On Wednesday a Paris appeals court ordered the French state to return three significant works of art to the heirs of a Jewish collector who died in a German concentration camp in 1945.
The artworks by Andre Derain are currently housed at the Museum of Modern Art in Troyes and in the Cantini museum in Marseille.
They had initially been in the collection of Parisian gallery owner Rene Gimpel, who was denounced by a rival art-dealer after joining the Resistance which fought against the Nazi occupation and France’s collaborationist Vichy regime.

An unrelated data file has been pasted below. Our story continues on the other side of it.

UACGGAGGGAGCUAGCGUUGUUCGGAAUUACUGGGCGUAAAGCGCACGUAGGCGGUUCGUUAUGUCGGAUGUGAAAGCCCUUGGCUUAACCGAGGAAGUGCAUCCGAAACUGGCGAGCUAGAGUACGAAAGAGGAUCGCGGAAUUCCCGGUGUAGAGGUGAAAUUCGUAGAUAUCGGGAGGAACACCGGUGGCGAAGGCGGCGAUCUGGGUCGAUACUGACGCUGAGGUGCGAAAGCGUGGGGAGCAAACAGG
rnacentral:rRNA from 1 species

After Mr Gimpel was arrested the works – painted between 1907 and 1910 – were taken as spoils.
In Wednesday’s ruling, the court overturned the judgment of a lower court which last year rejected a bid for the restitution of the artworks to Mr Gimpel’s heirs.
“This is great,” declared Corinne Hershkovitch, a lawyer for the heirs, who are still trying to recover other works from their Mr Gimpel’s collection.
Mr Gimpel, who was of Jewish descent, was a prominent art collector in the early 20th century. He was arrested in 1944 and deported to Neuengamme concentration camp in Germany, where he died.